Have you noticed how you're getting short-changed at the shops nowadays?
Every time I go to a provision store or a supermarket, I'm handed a bill which totals up to an amount that has been rounded off... almost always to the next highest 50 paisa denomination.
I get bills for xy Rupees twenty-eight paise or sixty-nine paise. I mean , come on! Is a proper change for such amounts even existent in our currency? Have you even seen a 1 paise or 2 paise coin in use nowadays ?
Apparently the 5, 10 and 25-pase coins are still legal tender. Officially, at least, but I've yet to see anyone who carries those coins. Or even someone who'll accept them.
Incidentally, I've even had stores offering me toffees in lieu of small change! Hmmm ... I wonder whether they would accept them in lieu of payment?
One cashier was almost apologetic and vaguely embarassed about it. "It's all because of the VAT amounts," she said. "It usually adds up to odd figures and we don't have the small change for them. No one has! "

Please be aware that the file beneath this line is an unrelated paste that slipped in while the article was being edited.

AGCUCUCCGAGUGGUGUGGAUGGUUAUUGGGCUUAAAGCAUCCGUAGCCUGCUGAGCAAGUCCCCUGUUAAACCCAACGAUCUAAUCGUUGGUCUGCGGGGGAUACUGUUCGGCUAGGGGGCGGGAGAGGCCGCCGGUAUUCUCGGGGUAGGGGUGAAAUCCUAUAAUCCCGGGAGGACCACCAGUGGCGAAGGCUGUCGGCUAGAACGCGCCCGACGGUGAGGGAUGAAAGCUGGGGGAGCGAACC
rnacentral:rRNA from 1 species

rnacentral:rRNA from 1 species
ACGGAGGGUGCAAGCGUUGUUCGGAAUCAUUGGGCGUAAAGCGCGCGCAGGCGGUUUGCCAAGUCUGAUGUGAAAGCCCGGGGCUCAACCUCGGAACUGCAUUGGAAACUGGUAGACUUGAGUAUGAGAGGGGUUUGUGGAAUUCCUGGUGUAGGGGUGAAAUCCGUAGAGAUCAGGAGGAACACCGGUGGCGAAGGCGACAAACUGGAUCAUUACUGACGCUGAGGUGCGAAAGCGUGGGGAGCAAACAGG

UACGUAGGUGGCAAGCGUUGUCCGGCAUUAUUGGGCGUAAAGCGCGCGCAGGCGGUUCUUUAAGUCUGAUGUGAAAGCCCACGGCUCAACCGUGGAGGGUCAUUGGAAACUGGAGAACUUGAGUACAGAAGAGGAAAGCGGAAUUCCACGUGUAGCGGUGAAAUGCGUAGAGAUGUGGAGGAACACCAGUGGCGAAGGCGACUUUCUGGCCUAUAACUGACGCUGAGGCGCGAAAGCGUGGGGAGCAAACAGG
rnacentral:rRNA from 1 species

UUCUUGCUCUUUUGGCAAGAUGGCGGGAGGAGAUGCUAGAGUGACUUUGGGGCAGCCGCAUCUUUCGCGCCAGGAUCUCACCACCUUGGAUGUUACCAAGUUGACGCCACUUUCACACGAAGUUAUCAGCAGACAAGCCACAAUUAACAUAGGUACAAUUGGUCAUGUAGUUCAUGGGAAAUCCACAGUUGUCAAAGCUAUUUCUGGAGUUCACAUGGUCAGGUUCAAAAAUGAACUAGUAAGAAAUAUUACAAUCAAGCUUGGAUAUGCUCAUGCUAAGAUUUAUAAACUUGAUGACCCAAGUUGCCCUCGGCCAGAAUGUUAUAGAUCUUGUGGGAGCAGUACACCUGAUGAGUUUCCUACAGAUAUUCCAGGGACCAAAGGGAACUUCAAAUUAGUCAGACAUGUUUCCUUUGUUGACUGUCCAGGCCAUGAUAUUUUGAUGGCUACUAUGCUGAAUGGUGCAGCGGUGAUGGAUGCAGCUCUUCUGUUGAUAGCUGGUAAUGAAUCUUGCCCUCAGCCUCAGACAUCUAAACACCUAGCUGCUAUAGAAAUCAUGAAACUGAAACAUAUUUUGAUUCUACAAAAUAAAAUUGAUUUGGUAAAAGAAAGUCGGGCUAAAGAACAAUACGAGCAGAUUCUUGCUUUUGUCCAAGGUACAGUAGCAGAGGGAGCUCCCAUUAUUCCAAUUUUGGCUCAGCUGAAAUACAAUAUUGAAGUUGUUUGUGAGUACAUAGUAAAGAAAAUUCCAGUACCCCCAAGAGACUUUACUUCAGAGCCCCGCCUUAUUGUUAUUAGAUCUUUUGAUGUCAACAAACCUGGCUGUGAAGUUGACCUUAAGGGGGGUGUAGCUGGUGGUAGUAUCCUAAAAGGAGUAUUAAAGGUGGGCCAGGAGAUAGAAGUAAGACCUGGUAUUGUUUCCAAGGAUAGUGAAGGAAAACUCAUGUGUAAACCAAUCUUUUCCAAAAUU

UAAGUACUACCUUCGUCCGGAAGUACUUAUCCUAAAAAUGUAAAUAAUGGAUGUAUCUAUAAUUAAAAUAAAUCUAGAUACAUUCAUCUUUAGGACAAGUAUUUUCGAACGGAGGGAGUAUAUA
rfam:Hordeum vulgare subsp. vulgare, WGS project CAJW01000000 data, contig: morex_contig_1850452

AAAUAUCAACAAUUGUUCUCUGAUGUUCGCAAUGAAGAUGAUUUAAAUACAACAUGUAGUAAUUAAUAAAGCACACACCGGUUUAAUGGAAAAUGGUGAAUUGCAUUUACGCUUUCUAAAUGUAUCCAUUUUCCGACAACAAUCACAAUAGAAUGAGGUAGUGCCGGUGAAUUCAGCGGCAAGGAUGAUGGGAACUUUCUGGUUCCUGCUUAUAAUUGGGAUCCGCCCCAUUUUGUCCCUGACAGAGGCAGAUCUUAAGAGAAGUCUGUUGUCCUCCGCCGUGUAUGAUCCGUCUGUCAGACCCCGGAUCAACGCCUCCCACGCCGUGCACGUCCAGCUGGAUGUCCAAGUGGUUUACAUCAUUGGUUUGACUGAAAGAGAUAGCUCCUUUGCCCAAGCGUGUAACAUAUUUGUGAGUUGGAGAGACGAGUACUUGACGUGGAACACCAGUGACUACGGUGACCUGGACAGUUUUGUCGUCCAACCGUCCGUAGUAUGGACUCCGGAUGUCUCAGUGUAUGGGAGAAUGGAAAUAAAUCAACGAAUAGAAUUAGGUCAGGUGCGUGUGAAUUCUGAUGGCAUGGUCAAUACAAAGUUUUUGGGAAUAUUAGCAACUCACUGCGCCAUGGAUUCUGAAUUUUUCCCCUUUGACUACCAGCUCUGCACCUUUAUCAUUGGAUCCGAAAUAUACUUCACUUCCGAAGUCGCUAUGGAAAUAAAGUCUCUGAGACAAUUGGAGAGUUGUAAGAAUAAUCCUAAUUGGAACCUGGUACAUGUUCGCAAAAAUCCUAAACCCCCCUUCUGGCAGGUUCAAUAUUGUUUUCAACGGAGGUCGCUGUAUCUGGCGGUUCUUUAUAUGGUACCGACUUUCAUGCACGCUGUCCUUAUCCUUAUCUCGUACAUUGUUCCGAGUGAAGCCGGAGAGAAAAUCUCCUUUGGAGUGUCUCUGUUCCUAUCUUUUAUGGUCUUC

So the amounts are conveniently rolled over into the next biggest 50-paise denomination and no one's the wiser. Or bothers to speak up even if they notice it. It's such a measly little amount, after all. Hardly worth talking about.
Well, that may be petty change for one shopper, but hey, do the maths.... that's a nice bit of extra profit for a store which sees hundreds, if not thousands, of shoppers every day!
No, wait ... actually, it does add up to quite a significant amount even for the individual shopper who is spending more than necessary every single day, albeit at the rate of a few paise each time. It may not exactly pinch or throw the budget off-kilter, but what it does is make me feel slightly cheated and a little indignant about it.
Hmmm ... so who does get the balance, I wonder. If it's the store, that's money collected unfairly, isn't it? If it's the Revenue department, then they're collecting more tax than they're entitled to.
For my part, I'd say "you're welcome to it " if they could just prove they've put that money to some good use rather than to line their pockets.
Employment opportunities for the underprivileged, or maybe better education in the rural areas, and what about better medical facilities in tribal areas , and ... oh, the potential "good uses " are too many to count, aren't they?
Imagine! if our small change could create a big change...